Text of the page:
I had an epiphany today about a dinner that I’ve been invited to by my alma mater. Please allow me to recount for you, my one reader, the details of my road to epiphany-ism.
It all began, like most stories, in February 2008. My alma mater, which shall remain nameless so as to protect my upcoming free dinner, called me and asked for a “contribution.” I remember trying every way possible to get off of the phone…I may have even pretended like I was being assaulted by Russel Crowe, if I’m not mistaken. However, after my vain attempts to get off of the phone, when I checked to see if I was still connected, a cheery sounding student volunteer assured me gleefully that she was still on the line and ready to take my “commitment” as an alumni. Finally, I remember asking what the lowest level of donor giving could be. I was enthusiastically told that twenty dollars would be sufficient for her to return full control of my phone to me. I was disappointed that they didn’t have an amount that ended in the word “cents,” but I reluctantly agreed anyway. “Put me down for twenty bucks,” I said, thinking that they’d forget.
Well, it wasn’t too long after that agreement that the contribution statements started coming in. I ignored the first one. Then, either another one seemed to immediately come in the mail or the original one made its way out of the trash, sealed itself back up and crawled once again into my mailbox. Coincidence, I thought. I was naive. The contribution statements kept coming to the point where they now surpass credit card offers as my largest source of mail. In fact, I believe that the U.S. postal service may have had to either raise postal rates or cut back to five days of service per week were it not for the postage being paid by my alma mater to ensure that I kept my pledge. I am sure that over twenty dollars has been spent in letterhead, envelopes, time and postage to hold me to my twenty dollars.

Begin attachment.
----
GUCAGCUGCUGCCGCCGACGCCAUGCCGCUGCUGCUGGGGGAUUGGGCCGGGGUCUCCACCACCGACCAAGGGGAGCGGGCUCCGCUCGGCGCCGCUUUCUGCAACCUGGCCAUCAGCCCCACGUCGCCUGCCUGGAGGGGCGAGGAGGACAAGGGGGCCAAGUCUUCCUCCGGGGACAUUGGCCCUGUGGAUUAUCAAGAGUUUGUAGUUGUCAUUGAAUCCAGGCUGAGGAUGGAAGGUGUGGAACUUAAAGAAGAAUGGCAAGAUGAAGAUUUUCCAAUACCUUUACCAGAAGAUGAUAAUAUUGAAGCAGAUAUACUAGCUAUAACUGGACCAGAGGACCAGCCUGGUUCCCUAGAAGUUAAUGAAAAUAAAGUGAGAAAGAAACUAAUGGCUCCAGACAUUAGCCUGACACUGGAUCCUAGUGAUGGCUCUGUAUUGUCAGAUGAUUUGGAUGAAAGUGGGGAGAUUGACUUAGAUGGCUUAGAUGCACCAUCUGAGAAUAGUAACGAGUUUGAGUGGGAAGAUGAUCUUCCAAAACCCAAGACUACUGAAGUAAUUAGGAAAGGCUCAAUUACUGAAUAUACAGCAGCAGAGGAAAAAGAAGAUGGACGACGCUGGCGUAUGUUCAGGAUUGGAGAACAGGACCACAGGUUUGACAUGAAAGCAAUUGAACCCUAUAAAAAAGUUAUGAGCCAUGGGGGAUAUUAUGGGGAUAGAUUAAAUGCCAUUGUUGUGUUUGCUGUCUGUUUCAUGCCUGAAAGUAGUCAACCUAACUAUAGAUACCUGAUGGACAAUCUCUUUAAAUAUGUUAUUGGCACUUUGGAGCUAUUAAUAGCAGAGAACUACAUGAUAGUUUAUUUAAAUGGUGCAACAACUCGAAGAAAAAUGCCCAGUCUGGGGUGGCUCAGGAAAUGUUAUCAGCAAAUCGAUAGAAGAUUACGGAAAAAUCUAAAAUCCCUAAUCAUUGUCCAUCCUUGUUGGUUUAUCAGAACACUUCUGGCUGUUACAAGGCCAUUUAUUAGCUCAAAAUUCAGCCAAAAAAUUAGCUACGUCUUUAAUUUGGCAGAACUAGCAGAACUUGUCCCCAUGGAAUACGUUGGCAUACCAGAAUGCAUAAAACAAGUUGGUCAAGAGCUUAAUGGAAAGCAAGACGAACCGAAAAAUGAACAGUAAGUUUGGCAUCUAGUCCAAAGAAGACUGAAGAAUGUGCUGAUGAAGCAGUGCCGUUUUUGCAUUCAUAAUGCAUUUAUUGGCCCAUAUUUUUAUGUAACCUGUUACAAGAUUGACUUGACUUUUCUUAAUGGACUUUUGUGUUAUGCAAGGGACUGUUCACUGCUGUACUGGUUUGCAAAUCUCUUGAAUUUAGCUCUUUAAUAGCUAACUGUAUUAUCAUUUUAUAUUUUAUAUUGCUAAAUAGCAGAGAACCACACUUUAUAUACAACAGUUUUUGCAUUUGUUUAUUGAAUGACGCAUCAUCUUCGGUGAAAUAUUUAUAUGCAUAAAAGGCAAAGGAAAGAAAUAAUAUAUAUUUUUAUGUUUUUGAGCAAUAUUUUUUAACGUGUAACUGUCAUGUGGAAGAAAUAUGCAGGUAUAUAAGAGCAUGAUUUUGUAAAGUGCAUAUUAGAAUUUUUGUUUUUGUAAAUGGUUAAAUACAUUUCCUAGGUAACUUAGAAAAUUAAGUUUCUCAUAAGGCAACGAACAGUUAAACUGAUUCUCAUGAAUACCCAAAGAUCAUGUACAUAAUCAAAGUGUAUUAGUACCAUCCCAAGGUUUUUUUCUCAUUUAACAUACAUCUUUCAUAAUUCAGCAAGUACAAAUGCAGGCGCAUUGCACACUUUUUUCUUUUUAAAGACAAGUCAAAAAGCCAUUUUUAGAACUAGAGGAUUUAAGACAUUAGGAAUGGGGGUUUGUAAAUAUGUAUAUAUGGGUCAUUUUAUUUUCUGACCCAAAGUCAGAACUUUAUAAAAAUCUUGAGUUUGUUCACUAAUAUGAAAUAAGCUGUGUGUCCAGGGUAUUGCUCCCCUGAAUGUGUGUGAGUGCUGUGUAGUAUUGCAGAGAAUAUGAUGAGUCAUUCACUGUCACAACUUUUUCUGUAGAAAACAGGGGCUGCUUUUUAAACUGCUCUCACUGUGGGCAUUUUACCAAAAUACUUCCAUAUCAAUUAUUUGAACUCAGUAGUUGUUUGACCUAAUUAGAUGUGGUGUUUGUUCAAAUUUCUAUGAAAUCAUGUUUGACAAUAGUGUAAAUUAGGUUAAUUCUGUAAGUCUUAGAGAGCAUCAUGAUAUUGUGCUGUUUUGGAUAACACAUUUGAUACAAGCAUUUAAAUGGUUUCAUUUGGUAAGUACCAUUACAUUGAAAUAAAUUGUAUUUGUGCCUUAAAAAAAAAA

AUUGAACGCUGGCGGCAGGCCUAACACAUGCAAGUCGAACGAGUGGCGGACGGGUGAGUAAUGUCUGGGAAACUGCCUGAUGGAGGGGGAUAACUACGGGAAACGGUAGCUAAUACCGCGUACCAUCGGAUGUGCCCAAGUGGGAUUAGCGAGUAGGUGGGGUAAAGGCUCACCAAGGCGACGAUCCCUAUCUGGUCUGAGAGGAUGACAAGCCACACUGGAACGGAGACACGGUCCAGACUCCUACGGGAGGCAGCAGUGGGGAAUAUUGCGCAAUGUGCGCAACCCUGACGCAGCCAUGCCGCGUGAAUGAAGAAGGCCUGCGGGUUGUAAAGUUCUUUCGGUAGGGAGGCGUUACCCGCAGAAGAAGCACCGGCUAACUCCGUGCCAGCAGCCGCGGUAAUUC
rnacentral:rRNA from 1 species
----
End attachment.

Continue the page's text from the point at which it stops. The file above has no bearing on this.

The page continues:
I’m actually begining to get a bit scared because one of the last letters actually informed me that my commitment was going to be turned over to a collections agency for “handling.” Anyway, the contribution statements kept coming; however, a new twist to this story recently emerged.
I received a letter indicating that I have been cordially invited to a “Grow the University” banquet, replete with cocktails and dinner. The whole shindig is free. I just thought that the university was being generous until I spoke with a fellow alum today at work. I mentioned the dinner to him and he had no clue. He said that I must be a contributor or something. That’s when I put the pieces together.
Either I am getting a free dinner, with cocktails, for being on a list that says that I’m a big-time donor to the school, or I’m being set up by my alma mater in order to collect my twenty dollar debt. I’ve already responded and indicated that I would be attending this “business attire” event. I don’t know if this is unconscionable. In either case, I’m going to bring some mace to the party just in case its all just a big set-up to have the school mascot hold me down down while the university president pilfers through my wallet for money.